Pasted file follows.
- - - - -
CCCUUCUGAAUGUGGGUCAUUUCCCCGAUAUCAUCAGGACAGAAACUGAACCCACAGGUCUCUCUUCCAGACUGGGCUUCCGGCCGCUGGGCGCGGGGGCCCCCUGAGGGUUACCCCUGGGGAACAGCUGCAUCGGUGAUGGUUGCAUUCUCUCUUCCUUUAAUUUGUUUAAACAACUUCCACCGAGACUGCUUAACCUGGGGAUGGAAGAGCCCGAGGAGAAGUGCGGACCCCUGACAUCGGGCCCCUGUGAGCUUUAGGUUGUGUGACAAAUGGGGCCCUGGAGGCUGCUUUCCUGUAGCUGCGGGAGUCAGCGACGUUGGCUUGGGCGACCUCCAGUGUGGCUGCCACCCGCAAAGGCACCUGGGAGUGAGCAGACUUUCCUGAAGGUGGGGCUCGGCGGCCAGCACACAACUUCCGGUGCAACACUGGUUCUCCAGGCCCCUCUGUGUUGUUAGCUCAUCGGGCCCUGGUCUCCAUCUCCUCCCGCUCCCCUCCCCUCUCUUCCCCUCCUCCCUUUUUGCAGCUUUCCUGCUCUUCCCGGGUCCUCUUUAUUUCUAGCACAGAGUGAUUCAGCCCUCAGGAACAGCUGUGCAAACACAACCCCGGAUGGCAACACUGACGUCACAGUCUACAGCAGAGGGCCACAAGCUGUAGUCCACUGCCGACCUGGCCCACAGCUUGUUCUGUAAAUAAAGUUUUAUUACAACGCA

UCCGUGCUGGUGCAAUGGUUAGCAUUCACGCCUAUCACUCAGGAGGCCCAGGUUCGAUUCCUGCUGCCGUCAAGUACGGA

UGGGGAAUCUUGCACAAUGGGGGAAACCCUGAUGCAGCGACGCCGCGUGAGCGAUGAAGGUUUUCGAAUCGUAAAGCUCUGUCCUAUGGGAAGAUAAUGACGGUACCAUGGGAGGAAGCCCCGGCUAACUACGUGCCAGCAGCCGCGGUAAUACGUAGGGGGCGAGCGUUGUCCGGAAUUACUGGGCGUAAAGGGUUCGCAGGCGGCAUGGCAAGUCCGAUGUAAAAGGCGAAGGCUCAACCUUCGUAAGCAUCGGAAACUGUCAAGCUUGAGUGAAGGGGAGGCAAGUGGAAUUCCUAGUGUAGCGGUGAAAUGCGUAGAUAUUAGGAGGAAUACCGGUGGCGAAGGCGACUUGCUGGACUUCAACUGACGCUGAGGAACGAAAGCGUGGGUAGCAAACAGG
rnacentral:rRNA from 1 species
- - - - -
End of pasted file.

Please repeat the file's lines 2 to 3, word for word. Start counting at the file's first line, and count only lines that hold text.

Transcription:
UCCGUGCUGGUGCAAUGGUUAGCAUUCACGCCUAUCACUCAGGAGGCCCAGGUUCGAUUCCUGCUGCCGUCAAGUACGGA

UGGGGAAUCUUGCACAAUGGGGGAAACCCUGAUGCAGCGACGCCGCGUGAGCGAUGAAGGUUUUCGAAUCGUAAAGCUCUGUCCUAUGGGAAGAUAAUGACGGUACCAUGGGAGGAAGCCCCGGCUAACUACGUGCCAGCAGCCGCGGUAAUACGUAGGGGGCGAGCGUUGUCCGGAAUUACUGGGCGUAAAGGGUUCGCAGGCGGCAUGGCAAGUCCGAUGUAAAAGGCGAAGGCUCAACCUUCGUAAGCAUCGGAAACUGUCAAGCUUGAGUGAAGGGGAGGCAAGUGGAAUUCCUAGUGUAGCGGUGAAAUGCGUAGAUAUUAGGAGGAAUACCGGUGGCGAAGGCGACUUGCUGGACUUCAACUGACGCUGAGGAACGAAAGCGUGGGUAGCAAACAGG